You’re going to be reading into the thick of the Book of Judges this week, and it’s one of the most violent and bloody books in the Bible. This may excite certain teenaged, male readers, but it’s off-putting for most people. Aren’t these the kinds of stories that motivate religious violence, showing ancient religious heroes slaying their enemies in the name of their god? Shouldn’t we move past this kind of thing? Why do we need to hear stories of violent people from the past?
Not a Children’s Tale
Any answer to those questions forces a person to ask even deeper questions about what the Bible is in the first place and what these stories are designed to accomplish. If, for example, you think the Bible is a divine behavior manual dropped out of heaven, then you will read most of its stories looking for moral examples. It may even be unconscious, but people with that concept of the Bible usually end up justifying the behavior of biblical characters, even when they act in ambiguous ways—remember Jacob stealing from his brother in Genesis 27?—or even when they’re downright horrible. Samson is a great example of this. Go survey the available children’s books about the story of Samson, and you’ll discover that they all portray him as an ancient Captain America who was given divine power to conquer Israel’s enemies in the name of their God.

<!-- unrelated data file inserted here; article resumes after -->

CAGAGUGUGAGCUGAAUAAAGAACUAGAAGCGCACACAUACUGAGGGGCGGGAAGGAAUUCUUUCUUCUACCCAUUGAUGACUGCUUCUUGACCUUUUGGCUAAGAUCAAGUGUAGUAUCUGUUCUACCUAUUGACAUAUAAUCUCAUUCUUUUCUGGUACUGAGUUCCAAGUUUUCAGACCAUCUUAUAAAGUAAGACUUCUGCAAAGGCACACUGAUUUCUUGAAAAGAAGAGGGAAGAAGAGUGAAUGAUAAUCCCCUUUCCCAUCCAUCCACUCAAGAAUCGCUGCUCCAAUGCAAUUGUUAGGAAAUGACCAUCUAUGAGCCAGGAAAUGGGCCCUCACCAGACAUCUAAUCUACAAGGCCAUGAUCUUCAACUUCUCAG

To read the stories of the Bible this way, and especially the Book of Judges, is to completely miss what the author is trying to communicate through these narratives. This Book is not offering Ehud, Gideon, or Jephthah as people you should aspire to be like. Some of these characters have their bright moments, but they’re rare in the mostly dark atmosphere of these tragic stories.
And that’s what they are. In fact, that’s what the Book of Judges is as a whole: tragic literature. To see this, all you have to do is look at the Book’s introduction, then at its conclusion, and you’ll begin to see the literary design and message of the entire thing.
The Book in a Nutshell.
Ch. 1 – 2:5: Israel fails to drive out the Canaanites from the land.
Ch. 2:6 – 3:6: Narrator’s Prologue: This is a story about Israel’s utter moral failure and the catastrophic results.
Ch. 3 – 16: Twelve stories (six short, six long) of Israel’s “judges” that get progressively more violent and disturbing
- Ch. 3: Ehud: The slick assassin who’s good with daggers
- Ch. 4 – 5: Deborah, Barak, and Jael: A tent peg ends up getting hammered through someone’s head. Need I say more?
- Ch. 6 – 9: Gideon and Abimelech: A coward who overcomes by faith leads Israel into idolatry and starts an inter-tribal Israelite civil war.
- Ch. 10 – 12: Jephthah: A hill-top thug who’s so unfamiliar with the God of Israel he thinks that sacrificing his daughter will please God